McIlveen, William Hewitt (William)
No. 18303, ‘B’ Company, 13th Battalion, Royal Irish Rifles, then 11th/13th Battalion, then 22nd Entrenching Battalion
Killed in action on Friday 29 March 1918 (aged 22)
No known grave
Pozieres Memorial, France (Panel 74 to 76)
Comber and District War Memorial
Andrew’s Mill Memorial Plaque
Second Comber Presbyterian Church
William Hewitt McIlveen was born on 23 March 1896 in High Street, Comber and he was a son of Joseph and Ellen Jane McIlveen (nee Crowe) who were married on 29 April 1893 in Gilnahirk Presbyterian Church. Joseph McIlveen from Comber was a son of Robert McIlveen, a labourer. Ellen Jane Crowe from Comber was a daughter of Patrick Crowe, a labourer.
The McIlveen family lived at Hillhead, Comber and later in Railway Street, Comber.
Joseph McIlveen worked as a general labourer and he and Ellen had four children:
John (born 7 February 1894 in Mill Street, Comber)
William Hewitt (born 23 March 1896 in High Street, Comber)
James (twin, born 5.00 pm 18 June 1901 in High Street, Comber)
Harriet (twin, born 5.15 pm 18 June 1901 in High Street, Comber)
Baby James McIlveen was ten days old when he died of debility on 28 June 1901 and the following day, 29 June 1901, his mother Ellen died (aged 29).
Joseph McIlveen and Jane Lowry were married on 1 May 1903 in Dundonald Presbyterian Church. Jane Lowry, a domestic servant from Lisbane, was a daughter of Robert Lowy, a labourer.
Joseph McIlveen worked as a carter and he and Jane had at least four children:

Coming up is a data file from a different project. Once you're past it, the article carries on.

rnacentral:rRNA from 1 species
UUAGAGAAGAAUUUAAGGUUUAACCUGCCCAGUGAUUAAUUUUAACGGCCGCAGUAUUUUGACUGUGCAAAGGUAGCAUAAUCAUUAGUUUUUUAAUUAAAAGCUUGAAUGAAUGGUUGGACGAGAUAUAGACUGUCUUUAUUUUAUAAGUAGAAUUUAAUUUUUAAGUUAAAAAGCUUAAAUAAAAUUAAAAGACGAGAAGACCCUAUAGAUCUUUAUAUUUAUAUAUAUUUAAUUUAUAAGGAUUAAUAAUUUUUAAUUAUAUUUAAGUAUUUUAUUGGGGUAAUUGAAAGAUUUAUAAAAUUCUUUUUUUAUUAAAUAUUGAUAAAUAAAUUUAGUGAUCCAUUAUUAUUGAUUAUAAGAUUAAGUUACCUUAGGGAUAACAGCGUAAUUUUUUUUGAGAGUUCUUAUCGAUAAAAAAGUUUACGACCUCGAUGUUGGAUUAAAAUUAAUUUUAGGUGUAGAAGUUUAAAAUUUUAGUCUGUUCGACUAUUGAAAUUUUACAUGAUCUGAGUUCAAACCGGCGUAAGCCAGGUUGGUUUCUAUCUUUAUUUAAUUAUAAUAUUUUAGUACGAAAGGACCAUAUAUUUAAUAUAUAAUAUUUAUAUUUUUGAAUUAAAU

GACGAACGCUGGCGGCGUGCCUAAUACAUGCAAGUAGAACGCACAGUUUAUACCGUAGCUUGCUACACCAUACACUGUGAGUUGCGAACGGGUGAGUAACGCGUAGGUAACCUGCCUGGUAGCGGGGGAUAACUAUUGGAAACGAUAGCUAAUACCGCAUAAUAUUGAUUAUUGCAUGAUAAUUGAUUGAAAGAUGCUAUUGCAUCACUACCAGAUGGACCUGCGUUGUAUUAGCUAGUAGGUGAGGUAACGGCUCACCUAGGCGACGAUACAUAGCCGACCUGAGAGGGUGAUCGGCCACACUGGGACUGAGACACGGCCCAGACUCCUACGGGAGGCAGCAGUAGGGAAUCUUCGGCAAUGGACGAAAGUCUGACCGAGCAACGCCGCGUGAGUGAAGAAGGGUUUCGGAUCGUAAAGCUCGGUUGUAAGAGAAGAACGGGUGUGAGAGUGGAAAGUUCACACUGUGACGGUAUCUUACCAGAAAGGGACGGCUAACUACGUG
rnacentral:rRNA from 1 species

Jane (born 19 September 1905 in Railway Street, Comber)
Robert (born 15 January 1908 in Railway Street, Comber)
Joseph (born 13 September 1910 in Railway Street, Comber)
James (born 25 October 1912 in Railway Street, Comber)
Before the outbreak of war, both John and William McIlveen worked in Andrew’s Mill, Comber. They enlisted together in Comber and were allocated consecutive service numbers.
Rifleman William Hewitt McIlveen (No. 18303) served with the 13th Battalion Royal Irish Rifles in 108th Brigade of the 36th (Ulster) Division and he survived the Battle of the Somme. In November 1917 the 11th and 13th Battalions were amalgamated and when they were disbanded in February 1918 William McIlveen was transferred to the 22nd Entrenching Battalion. Rifleman William McIlveen was 22 when he was killed in action on 29 March 1918, one day after Rifleman David John McDonnell from Portaferry was killed.
Rifleman William Hewitt McIlveen (No. 18303) has no known grave and he is commemorated on Comber and District War Memorial; on the Andrew’s Mill Memorial Plaque and in Second Comber Presbyterian Church.